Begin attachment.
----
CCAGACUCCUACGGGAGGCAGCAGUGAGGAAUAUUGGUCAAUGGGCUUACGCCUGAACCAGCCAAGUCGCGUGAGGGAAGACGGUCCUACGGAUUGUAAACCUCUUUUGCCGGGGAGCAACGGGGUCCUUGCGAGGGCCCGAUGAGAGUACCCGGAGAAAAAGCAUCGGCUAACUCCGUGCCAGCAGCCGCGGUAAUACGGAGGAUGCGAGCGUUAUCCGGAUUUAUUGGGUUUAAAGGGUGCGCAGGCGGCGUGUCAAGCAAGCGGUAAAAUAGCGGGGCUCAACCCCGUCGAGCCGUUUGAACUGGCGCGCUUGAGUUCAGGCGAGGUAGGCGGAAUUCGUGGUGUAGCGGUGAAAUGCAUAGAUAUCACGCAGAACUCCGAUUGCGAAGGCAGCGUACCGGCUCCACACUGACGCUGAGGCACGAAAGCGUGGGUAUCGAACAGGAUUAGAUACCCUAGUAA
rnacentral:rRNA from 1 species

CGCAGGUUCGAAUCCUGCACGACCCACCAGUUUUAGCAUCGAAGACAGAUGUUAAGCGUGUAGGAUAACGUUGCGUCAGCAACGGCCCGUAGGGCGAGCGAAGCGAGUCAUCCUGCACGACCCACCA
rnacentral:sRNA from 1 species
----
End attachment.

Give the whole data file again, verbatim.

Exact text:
CCAGACUCCUACGGGAGGCAGCAGUGAGGAAUAUUGGUCAAUGGGCUUACGCCUGAACCAGCCAAGUCGCGUGAGGGAAGACGGUCCUACGGAUUGUAAACCUCUUUUGCCGGGGAGCAACGGGGUCCUUGCGAGGGCCCGAUGAGAGUACCCGGAGAAAAAGCAUCGGCUAACUCCGUGCCAGCAGCCGCGGUAAUACGGAGGAUGCGAGCGUUAUCCGGAUUUAUUGGGUUUAAAGGGUGCGCAGGCGGCGUGUCAAGCAAGCGGUAAAAUAGCGGGGCUCAACCCCGUCGAGCCGUUUGAACUGGCGCGCUUGAGUUCAGGCGAGGUAGGCGGAAUUCGUGGUGUAGCGGUGAAAUGCAUAGAUAUCACGCAGAACUCCGAUUGCGAAGGCAGCGUACCGGCUCCACACUGACGCUGAGGCACGAAAGCGUGGGUAUCGAACAGGAUUAGAUACCCUAGUAA
rnacentral:rRNA from 1 species

CGCAGGUUCGAAUCCUGCACGACCCACCAGUUUUAGCAUCGAAGACAGAUGUUAAGCGUGUAGGAUAACGUUGCGUCAGCAACGGCCCGUAGGGCGAGCGAAGCGAGUCAUCCUGCACGACCCACCA
rnacentral:sRNA from 1 species